One evening during the week you will be required to dine-out as the staff gets an evening off. Yes it was noisy at night and the bedroom was small but hey! you’ll be living in the centre of the resort for less than £1,000 per person, depending on the date. (

Hotel Saint Louis bar area

On the other side of the resort, up the road past the church, you’ll find Hotel St Louis.

Located opposite the Bellecôte piste, you can ski down to La Croisette lifts. You have to remember to finish your day on the Bellecôte piste otherwise you will have to walk-up the hill, back to the hotel, carrying your skis.

I choose to rent my boots and skis (I gave up owning skis and boots years ago, preferring instead to rent the latest equipment each year) at one of the shops opposite La Croisette lifts. That way, I could leave boots and skis at the shop overnight and take a 4-minute walk to the hotel in my comfortable moon boots. Next morning I would walk down to the ski shop opposite the lifts. Doing it this way means that you can ski on the opposite side of the valley without having taking numerous lifts at the end of the day to get back to the Bellecôte piste on the other side of the valley.

Rooms are for 2 or 4 with a private bath and shower, bathrobes, phone and TV.

You’ll get a buffet breakfast with a hot option, complimentary ski snack and afternoon tea. Your evening meal will be a scrumptious 4-course meal plus a cheeseboard.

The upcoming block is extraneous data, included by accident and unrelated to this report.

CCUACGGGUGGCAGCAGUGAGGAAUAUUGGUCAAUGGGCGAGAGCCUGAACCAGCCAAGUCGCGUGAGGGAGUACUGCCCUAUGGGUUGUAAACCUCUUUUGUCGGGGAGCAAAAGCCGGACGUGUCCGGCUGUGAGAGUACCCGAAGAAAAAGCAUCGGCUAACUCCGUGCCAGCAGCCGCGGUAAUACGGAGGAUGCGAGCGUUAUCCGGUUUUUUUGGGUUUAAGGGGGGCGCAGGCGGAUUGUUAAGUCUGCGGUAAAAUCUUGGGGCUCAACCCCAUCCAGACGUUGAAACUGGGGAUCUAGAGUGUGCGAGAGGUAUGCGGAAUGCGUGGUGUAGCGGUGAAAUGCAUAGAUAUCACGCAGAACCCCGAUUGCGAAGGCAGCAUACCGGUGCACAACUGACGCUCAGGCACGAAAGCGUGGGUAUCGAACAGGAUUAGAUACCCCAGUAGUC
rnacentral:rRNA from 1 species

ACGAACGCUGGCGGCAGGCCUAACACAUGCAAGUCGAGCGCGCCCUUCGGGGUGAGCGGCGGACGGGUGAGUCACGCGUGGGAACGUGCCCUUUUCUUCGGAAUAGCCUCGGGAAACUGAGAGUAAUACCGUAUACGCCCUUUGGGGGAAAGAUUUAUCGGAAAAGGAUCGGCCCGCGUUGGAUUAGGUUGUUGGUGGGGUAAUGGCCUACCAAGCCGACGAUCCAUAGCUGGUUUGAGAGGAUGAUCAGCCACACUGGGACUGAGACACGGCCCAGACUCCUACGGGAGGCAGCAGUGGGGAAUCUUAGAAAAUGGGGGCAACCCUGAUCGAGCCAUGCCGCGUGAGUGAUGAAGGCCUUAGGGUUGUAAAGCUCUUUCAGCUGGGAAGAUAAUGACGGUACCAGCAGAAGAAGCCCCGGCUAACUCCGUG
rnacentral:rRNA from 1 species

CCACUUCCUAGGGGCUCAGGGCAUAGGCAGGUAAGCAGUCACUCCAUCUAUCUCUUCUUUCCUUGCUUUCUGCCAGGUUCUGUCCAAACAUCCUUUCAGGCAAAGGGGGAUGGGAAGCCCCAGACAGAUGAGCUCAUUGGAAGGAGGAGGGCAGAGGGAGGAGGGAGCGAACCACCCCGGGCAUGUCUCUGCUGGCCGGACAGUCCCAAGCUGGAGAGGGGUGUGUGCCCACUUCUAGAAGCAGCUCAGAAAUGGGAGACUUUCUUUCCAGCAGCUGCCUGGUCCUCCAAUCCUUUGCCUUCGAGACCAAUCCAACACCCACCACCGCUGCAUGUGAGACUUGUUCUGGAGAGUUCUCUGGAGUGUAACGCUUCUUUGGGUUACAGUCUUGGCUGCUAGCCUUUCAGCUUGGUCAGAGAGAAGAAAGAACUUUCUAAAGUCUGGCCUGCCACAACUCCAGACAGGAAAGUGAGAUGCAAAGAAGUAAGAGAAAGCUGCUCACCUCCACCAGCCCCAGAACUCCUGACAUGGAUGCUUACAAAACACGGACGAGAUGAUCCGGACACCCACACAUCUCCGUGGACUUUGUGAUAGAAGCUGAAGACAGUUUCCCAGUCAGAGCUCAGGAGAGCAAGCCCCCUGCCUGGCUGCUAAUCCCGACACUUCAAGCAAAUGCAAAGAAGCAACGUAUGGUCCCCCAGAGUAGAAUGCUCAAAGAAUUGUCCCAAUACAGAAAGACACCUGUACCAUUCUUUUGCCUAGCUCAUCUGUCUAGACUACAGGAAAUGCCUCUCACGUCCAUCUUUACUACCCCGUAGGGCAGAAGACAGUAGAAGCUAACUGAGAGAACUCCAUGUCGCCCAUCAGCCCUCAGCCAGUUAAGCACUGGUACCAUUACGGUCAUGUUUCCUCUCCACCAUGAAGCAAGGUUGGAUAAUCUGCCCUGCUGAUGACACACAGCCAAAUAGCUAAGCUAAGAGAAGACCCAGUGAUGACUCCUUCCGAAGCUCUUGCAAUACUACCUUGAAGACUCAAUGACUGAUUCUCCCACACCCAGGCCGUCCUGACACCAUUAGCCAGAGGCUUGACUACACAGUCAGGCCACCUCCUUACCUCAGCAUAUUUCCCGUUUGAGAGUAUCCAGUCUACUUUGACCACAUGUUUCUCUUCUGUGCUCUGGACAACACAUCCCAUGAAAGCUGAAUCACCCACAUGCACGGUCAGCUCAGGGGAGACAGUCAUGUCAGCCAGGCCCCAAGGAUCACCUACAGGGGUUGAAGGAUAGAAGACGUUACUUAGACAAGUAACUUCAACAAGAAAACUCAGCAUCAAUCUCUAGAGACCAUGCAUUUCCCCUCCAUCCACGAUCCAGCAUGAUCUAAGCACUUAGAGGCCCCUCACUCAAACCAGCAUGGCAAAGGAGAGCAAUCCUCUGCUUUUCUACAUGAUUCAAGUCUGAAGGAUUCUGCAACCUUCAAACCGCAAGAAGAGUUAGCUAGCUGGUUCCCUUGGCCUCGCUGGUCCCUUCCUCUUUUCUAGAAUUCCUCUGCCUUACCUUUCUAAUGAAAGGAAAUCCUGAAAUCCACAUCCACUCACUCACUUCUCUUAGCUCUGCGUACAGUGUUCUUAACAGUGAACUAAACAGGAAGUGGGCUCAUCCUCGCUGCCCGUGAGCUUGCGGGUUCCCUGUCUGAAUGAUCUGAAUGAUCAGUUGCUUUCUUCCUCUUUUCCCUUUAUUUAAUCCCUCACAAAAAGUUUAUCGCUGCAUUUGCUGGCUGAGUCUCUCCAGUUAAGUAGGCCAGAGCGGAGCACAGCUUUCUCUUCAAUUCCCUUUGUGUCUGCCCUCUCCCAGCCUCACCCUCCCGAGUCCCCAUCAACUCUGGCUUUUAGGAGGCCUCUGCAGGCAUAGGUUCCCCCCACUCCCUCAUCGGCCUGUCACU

If you travel with Crystal Ski you will fly to Chambéry and you can arrange helicopter transfer for up to 5 people.

The hotel is a contemporary chic design, quiet, with an elegantly designed bar, comfortable lounge and a welcoming fire place. High quality service and friendly staff were a pleasure in this English run hotel.

Half-board for 2 sharing a room in February (departingManchester) will be around £1,045 per person. (

Almost opposite the Coq de Bruyère is the chalet St Christopher. I have stayed here twice so you can guarantee the piste is within easy reach. Chalet St Christopher is located below the Chalet St. Nicholas on the lower floor of the building. I would describe it as an ‘upside down chalet’. As you enter at street level, you find yourself in the boot room and then you go down to an open plan lounge and dining room off which are the bedrooms. It only accommodates 8 people so you will get to know all the guests on your first day.

Some of the rooms have balconies overlooking the piste. Due to the design of the chalet into the hillside, the smaller rooms do not have any natural sources of light; however, they are still light and airy. I was happy enough to accept there were no windows in return for the superb location and general comfort inside the chalet.

It is a catered chalet (the chalet hosts live out) and on the staff’s day off, you will have to dine out. It’s not a problem as bars and restaurants are only a 3-min walk away.  A hearty cooked breakfast, afternoon tea with cakes and wine with your 3-course dinner are all included.

Prices will vary between £800 and £1,200 per person depending on the date. (

Courchevel is a magnet for the wealthy and the Russians where only the contents of your wallet will go downhill faster than you. The only thing you can guarantee is you will enjoy it, no matter what your level your ski-ing has reached.